Not really. Sure, many languages have things like LINQ Select/Where (map/filter), but that's just for objects. It's the expression trees where things get interesting. Expression trees allow a provider to generate a different artifact than a map call over objects. LINQ to Entities creates calls which the Entity Framework turns into SQL.
You can make a custom provider against any data source, really. There is an example of LINQ to Twitter that turns LINQ queries into Twitter API calls (http://linqtotwitter.codeplex.com/).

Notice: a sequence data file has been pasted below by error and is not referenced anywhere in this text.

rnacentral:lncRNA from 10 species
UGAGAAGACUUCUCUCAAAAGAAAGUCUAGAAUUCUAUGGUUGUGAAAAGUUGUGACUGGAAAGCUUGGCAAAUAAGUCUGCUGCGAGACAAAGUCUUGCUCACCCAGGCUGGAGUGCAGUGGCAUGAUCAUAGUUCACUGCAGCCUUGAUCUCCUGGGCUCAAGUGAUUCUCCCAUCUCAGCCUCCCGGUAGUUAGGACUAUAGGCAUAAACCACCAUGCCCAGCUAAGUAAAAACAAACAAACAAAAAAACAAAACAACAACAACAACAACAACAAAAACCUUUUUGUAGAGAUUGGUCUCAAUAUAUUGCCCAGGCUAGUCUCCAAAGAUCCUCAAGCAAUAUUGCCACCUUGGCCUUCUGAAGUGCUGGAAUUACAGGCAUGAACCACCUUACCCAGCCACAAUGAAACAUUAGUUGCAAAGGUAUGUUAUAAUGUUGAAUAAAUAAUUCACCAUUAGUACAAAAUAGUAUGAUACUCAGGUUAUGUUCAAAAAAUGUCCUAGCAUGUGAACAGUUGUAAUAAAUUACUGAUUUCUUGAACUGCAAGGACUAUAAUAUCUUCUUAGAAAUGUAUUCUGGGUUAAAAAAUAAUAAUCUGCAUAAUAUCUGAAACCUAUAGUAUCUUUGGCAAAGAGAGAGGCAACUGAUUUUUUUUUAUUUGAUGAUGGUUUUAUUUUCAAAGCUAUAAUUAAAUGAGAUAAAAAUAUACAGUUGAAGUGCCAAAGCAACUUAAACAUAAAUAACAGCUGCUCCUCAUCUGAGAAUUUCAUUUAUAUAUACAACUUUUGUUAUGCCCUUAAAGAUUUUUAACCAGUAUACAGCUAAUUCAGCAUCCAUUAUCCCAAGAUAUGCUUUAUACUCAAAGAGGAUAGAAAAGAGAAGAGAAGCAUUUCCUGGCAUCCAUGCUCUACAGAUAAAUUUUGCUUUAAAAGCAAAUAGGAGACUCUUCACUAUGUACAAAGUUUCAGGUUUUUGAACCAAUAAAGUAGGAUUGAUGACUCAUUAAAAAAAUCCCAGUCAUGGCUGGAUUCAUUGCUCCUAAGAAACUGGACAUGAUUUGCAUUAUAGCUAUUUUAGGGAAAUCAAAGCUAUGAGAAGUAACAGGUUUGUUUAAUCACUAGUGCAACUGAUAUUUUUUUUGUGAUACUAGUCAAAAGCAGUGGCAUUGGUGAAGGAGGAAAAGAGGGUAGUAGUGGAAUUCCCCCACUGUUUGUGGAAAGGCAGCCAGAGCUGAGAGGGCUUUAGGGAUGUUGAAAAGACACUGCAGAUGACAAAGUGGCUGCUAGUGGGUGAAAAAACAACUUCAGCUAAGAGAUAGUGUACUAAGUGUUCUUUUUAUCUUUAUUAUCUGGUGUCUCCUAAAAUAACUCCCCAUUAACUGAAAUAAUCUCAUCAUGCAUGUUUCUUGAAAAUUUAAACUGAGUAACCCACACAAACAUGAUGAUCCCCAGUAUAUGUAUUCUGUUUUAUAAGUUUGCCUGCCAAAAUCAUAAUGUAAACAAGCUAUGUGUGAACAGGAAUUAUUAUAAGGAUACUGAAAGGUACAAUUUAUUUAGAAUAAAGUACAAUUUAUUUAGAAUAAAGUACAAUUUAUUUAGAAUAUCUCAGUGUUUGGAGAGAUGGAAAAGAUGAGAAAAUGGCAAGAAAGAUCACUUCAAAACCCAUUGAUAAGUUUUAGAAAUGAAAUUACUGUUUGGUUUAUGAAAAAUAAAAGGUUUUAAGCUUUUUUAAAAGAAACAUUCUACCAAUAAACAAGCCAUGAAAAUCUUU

This feature requires language support, because when an Expression is needed, the compiler needs to turn a lambda (and so on) into a expression tree, not into compiled CLR code in a closure.
To be fair, something similar could be done in other languages with proper support. And writing a LINQ provider is non trivial, but it is possible and in certain cases, it can greatly simplify programming.